Form Energy’s approach is promising, but so were the technologies of A123 Systems and a graveyard of earlier battery startups. If there will be no storage miracle, how would we save the world? Three more or less plausible alternatives to batteries could finesse the intermittency and seasonality of solar and wind and help generate carbon-neutral energy. (That is, beyond the eternal hope of fusion. Physicists joke, “Fusion is the energy source of the future, and always will be.”)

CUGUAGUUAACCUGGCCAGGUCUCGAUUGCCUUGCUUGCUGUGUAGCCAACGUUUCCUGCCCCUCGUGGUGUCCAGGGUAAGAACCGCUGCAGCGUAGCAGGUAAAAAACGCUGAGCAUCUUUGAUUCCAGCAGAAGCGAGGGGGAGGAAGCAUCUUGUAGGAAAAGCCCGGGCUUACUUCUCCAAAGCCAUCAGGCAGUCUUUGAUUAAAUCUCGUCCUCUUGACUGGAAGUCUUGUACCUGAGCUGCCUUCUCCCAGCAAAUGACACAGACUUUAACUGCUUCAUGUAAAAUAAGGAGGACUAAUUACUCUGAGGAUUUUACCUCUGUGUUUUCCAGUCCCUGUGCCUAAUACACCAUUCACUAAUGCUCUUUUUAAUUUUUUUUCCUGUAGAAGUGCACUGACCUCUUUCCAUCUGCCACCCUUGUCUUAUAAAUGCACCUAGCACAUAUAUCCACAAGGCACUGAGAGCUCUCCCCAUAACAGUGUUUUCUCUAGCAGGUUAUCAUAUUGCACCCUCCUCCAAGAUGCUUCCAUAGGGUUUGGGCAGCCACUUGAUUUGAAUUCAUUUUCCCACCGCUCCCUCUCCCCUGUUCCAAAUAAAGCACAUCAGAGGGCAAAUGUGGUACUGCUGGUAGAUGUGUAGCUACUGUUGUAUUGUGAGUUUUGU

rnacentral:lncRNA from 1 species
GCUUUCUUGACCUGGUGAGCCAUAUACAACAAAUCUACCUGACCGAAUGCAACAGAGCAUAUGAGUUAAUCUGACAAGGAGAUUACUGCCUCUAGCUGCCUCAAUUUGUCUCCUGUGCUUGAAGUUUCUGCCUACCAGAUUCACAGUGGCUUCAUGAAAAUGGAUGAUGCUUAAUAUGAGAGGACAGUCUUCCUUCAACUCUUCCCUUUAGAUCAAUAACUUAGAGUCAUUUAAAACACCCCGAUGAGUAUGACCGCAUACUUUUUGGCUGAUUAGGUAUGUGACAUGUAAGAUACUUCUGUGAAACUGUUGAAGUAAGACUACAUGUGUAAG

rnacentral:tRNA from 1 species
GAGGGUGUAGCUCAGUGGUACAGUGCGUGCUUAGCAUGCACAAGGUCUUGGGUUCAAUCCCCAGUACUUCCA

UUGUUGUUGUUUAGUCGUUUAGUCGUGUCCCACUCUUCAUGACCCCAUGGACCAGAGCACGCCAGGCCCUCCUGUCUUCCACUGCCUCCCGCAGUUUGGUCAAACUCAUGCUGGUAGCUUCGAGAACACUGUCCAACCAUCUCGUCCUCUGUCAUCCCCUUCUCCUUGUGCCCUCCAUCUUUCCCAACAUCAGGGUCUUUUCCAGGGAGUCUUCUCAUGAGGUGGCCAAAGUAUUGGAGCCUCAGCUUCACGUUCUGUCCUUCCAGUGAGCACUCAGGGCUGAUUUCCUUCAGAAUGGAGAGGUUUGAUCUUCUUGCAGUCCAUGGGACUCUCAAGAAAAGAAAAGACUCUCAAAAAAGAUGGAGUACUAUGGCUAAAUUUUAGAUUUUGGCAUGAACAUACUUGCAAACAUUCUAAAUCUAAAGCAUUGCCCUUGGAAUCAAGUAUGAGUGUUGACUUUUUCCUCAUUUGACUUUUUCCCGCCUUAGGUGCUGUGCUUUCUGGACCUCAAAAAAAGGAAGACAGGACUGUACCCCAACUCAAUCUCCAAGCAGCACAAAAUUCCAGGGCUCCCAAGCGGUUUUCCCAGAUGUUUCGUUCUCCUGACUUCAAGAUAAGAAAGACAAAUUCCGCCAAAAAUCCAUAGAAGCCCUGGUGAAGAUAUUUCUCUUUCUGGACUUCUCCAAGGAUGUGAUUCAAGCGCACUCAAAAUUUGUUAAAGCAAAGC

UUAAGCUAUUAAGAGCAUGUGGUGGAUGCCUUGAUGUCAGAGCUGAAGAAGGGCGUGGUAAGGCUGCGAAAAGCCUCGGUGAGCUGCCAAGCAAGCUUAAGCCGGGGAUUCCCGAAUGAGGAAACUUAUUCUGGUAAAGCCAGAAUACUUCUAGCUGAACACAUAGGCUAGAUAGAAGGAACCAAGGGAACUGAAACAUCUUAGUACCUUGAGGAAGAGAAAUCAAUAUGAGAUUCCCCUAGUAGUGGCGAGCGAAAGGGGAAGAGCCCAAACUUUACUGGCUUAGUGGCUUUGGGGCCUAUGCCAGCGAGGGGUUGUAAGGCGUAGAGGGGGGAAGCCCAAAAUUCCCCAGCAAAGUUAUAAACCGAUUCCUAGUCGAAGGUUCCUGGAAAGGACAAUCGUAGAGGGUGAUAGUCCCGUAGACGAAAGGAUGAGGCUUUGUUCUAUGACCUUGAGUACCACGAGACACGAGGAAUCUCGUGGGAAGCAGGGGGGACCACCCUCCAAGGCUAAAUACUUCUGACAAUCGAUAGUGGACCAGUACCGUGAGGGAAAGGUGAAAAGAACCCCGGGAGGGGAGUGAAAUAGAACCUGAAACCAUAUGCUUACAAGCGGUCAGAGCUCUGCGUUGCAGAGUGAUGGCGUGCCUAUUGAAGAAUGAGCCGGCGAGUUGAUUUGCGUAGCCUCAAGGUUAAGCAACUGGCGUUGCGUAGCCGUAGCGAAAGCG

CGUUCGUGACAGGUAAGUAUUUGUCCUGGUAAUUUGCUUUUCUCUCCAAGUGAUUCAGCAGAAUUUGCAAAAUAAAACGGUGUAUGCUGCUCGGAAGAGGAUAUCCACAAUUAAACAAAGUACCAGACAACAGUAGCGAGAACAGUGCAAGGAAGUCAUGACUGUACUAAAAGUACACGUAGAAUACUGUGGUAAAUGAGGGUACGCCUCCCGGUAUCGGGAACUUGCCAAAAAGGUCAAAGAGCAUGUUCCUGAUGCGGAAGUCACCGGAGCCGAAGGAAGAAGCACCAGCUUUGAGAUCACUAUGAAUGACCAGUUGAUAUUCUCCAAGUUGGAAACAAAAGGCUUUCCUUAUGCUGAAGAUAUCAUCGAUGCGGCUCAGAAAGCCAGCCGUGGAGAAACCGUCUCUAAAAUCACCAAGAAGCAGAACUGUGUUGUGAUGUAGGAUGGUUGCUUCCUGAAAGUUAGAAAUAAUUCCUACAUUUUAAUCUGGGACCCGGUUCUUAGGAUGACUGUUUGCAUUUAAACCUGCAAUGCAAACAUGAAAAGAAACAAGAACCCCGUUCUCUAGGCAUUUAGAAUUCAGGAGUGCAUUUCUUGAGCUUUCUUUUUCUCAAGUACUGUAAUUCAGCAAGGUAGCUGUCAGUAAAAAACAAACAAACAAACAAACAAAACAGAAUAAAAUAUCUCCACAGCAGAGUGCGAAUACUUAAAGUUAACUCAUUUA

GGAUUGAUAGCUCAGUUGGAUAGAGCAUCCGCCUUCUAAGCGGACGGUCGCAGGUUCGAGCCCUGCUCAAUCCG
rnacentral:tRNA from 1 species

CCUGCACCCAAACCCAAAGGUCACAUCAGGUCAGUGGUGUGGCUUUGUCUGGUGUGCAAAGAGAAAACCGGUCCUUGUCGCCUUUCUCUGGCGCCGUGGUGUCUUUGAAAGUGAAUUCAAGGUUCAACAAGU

First, we could store renewable energy at scale without employing electrochemical batteries at all. for instance, proponents of solar chemical, or artificial photosynthesis, have suggested using solar power to split water into oxygen and hydrogen, a fuel which can be used in fuel cells or burned in combustion engines. We could even combine the hydrogen with carbon dioxide, captured from natural gas peakers, to create methane, a fuel with a global infrastructure. Second, we could generate base-load electricity with nuclear fission, the carbon-free energy technology we already possess, producing enough energy to ignore the intermittency and seasonality of solar and wind. Lastly, and most destructively, we could tear down our existing patchwork of alternating-current grids and construct a new, high-transmission, direct-current supergrid, shuttling electricity across the continent and matching supply to demand with predictive software. All of these options have daunting technical, economic, and political problems, but if I were to bet, I’d guess (like the authors of the 2016 MIT and Argonne Lab study) that we will need some combination of these technologies and new batteries.